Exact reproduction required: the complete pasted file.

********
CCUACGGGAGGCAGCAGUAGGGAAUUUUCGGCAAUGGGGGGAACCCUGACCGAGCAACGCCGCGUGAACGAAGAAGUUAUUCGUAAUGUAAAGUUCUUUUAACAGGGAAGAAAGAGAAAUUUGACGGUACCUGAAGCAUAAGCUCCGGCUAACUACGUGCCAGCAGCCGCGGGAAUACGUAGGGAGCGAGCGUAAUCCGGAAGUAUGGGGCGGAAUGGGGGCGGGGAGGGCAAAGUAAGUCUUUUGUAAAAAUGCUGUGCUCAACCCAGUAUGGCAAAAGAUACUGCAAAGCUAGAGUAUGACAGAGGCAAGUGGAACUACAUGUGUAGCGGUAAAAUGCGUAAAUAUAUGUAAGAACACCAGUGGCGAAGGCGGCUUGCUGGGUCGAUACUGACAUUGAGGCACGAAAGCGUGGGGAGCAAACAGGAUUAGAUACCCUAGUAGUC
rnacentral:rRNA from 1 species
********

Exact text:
CCUACGGGAGGCAGCAGUAGGGAAUUUUCGGCAAUGGGGGGAACCCUGACCGAGCAACGCCGCGUGAACGAAGAAGUUAUUCGUAAUGUAAAGUUCUUUUAACAGGGAAGAAAGAGAAAUUUGACGGUACCUGAAGCAUAAGCUCCGGCUAACUACGUGCCAGCAGCCGCGGGAAUACGUAGGGAGCGAGCGUAAUCCGGAAGUAUGGGGCGGAAUGGGGGCGGGGAGGGCAAAGUAAGUCUUUUGUAAAAAUGCUGUGCUCAACCCAGUAUGGCAAAAGAUACUGCAAAGCUAGAGUAUGACAGAGGCAAGUGGAACUACAUGUGUAGCGGUAAAAUGCGUAAAUAUAUGUAAGAACACCAGUGGCGAAGGCGGCUUGCUGGGUCGAUACUGACAUUGAGGCACGAAAGCGUGGGGAGCAAACAGGAUUAGAUACCCUAGUAGUC
rnacentral:rRNA from 1 species